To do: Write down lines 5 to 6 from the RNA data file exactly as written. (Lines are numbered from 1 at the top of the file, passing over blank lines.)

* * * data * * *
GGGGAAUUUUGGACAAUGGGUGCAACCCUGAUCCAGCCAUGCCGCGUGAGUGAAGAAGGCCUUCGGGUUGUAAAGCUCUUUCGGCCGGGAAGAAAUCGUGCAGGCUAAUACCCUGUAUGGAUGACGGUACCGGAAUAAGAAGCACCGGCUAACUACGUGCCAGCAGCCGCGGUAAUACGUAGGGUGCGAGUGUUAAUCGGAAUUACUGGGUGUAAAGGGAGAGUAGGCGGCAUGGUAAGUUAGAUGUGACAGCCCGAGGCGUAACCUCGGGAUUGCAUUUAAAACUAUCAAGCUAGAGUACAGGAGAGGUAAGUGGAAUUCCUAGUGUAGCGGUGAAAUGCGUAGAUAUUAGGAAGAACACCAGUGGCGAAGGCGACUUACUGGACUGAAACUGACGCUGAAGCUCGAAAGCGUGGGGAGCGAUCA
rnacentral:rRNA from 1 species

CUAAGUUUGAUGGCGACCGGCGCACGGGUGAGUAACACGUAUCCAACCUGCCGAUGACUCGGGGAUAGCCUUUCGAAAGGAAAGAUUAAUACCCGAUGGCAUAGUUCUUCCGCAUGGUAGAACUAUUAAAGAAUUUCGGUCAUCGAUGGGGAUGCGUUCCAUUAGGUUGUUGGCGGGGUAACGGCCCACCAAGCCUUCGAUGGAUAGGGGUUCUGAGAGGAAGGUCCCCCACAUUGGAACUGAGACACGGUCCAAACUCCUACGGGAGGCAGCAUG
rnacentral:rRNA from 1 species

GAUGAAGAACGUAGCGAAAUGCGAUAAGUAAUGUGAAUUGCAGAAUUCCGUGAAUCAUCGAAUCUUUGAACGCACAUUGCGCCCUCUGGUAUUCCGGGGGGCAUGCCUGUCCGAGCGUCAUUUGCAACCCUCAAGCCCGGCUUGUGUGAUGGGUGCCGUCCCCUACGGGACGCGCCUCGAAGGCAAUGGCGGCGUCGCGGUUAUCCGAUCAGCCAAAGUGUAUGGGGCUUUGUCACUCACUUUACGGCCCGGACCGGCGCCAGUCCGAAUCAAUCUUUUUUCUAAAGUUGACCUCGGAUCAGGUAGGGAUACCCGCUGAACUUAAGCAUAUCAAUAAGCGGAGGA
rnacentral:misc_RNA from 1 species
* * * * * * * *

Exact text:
GAUGAAGAACGUAGCGAAAUGCGAUAAGUAAUGUGAAUUGCAGAAUUCCGUGAAUCAUCGAAUCUUUGAACGCACAUUGCGCCCUCUGGUAUUCCGGGGGGCAUGCCUGUCCGAGCGUCAUUUGCAACCCUCAAGCCCGGCUUGUGUGAUGGGUGCCGUCCCCUACGGGACGCGCCUCGAAGGCAAUGGCGGCGUCGCGGUUAUCCGAUCAGCCAAAGUGUAUGGGGCUUUGUCACUCACUUUACGGCCCGGACCGGCGCCAGUCCGAAUCAAUCUUUUUUCUAAAGUUGACCUCGGAUCAGGUAGGGAUACCCGCUGAACUUAAGCAUAUCAAUAAGCGGAGGA
rnacentral:misc_RNA from 1 species